The event in the story when the narrator describes young brother Sonny as a drug addict helps the reader understand the character of Sonny as a troubled person. Sonny’s heroin addiction has an impact on his worldview and personality traits. He feels imprisoned by his decisions and, therefore, must live with the consequences of his actions. Further, the event in the story when the narrator attended Sonny’s jazz show helps the reader understand the character of Sonny as expressive and artistic. Piano jazz music allows Sonny to exhibit his creative abilities and explore his inner feelings. For Sonny, playing jazz music is practically a mystical experience.
“All they really knew were two darknesses, the darkness of their lives, which was now closing in on them, and the darkness of the movies, which had blinded them to that other darkness.” (Baldwin 1). This comment indicates the narrator’s attitude about the life of Blacks. The narrator worries that most Blacks could at present be taking drugs as Sonny did. Moreover, “the darkness outside is what the old folks have been talking about. It’s what they’ve come from. It’s what they endure. The child knows that they won’t talk anymore because if he knows too much about what’s happened to them, he’ll know too much too soon, about what’s going to happen to him.” (Baldwin 9). This comment shows the narrator attitude about what was going to happen in life. Since there is nothing the “old folks” can do regarding the approaching darkness, they remain silent.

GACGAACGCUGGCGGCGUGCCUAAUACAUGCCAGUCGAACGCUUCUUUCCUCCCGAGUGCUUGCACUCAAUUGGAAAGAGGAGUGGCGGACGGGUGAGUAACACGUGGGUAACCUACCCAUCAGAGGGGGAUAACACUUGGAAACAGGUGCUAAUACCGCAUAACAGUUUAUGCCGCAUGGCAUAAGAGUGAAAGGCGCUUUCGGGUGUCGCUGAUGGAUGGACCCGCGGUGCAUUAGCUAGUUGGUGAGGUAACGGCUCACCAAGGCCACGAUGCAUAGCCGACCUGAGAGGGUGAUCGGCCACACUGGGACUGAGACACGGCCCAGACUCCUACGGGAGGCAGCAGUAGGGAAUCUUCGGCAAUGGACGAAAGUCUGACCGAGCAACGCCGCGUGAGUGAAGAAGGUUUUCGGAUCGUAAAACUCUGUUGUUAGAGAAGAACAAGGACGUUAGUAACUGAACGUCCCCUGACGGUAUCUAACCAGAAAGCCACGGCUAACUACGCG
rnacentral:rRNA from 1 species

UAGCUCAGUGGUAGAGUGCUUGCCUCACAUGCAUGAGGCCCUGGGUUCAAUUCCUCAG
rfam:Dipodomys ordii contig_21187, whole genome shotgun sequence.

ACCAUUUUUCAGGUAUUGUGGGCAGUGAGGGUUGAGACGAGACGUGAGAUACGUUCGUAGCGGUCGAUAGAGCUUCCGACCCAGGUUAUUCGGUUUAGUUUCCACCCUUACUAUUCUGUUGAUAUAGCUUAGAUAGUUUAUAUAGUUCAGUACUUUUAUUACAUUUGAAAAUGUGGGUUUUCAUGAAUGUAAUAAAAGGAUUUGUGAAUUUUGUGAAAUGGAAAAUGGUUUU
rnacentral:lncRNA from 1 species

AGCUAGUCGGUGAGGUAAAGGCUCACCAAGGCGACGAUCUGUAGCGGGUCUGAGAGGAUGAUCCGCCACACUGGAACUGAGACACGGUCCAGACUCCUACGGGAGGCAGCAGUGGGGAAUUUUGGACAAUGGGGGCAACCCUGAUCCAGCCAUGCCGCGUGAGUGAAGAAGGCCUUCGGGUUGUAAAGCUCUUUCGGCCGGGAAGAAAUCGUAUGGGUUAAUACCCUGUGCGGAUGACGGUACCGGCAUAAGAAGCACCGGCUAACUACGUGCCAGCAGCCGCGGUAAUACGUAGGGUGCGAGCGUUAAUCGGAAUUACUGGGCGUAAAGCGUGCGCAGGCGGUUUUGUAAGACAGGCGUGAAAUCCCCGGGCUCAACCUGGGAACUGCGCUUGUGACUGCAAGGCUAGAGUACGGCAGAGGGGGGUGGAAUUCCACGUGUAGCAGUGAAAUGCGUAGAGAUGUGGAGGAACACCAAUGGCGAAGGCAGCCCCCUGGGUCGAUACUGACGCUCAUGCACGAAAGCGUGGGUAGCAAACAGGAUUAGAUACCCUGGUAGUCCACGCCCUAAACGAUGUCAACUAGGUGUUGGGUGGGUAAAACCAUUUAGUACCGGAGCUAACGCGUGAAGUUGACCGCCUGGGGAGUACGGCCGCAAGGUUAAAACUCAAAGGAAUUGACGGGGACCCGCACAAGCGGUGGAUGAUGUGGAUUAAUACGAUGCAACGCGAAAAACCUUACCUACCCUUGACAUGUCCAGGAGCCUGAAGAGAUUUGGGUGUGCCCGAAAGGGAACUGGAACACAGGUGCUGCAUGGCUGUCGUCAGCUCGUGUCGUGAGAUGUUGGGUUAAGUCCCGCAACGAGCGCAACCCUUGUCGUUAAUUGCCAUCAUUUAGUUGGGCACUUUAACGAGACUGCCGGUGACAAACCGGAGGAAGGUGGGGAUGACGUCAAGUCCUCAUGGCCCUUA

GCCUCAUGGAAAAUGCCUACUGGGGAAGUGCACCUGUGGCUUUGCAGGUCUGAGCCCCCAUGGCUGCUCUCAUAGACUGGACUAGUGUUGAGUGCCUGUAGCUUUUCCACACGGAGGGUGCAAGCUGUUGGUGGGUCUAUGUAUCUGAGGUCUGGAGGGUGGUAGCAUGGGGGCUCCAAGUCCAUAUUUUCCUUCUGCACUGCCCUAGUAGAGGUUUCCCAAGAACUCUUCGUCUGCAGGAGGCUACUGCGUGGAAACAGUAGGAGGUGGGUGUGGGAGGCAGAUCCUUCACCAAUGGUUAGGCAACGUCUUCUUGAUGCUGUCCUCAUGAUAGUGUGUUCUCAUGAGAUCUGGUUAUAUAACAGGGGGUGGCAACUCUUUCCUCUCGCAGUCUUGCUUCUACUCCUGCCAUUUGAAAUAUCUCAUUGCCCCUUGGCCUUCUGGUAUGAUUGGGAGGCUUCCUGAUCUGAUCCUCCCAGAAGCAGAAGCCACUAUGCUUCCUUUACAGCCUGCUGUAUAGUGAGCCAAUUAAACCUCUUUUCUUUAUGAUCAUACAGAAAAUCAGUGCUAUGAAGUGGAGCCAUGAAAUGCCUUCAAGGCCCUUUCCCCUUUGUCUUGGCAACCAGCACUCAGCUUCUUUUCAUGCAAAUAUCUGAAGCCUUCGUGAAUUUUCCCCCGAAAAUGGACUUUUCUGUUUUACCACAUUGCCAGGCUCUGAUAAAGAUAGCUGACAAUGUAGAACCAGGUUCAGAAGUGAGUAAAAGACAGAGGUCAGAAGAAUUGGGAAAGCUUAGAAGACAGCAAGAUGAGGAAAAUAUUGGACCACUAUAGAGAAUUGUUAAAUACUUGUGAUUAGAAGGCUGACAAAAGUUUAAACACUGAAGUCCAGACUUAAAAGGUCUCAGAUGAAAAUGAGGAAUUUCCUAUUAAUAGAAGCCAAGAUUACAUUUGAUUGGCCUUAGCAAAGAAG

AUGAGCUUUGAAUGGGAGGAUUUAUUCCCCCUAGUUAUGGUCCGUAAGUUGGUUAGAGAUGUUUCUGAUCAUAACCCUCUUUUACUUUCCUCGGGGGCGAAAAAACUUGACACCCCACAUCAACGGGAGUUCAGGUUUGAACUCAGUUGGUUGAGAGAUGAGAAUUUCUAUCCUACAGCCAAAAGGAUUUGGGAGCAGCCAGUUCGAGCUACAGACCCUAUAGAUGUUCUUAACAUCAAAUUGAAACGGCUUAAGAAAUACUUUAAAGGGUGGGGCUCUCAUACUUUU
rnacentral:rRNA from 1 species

The significance of Baldwin’s description of the music is to demonstrate that one of Sonny’s saving graces is his music. Sonny uses music to express his frustrations and subconscious longing. Sonny’s music offers him an opportunity for redemption while simultaneously threatening to ruin him. He must face the sadness and misfortunes of his life, along with the lives of people around him, to produce music.
Baldwin, James. Sonny’s blues. Ernst Klett Sprachen, 2009.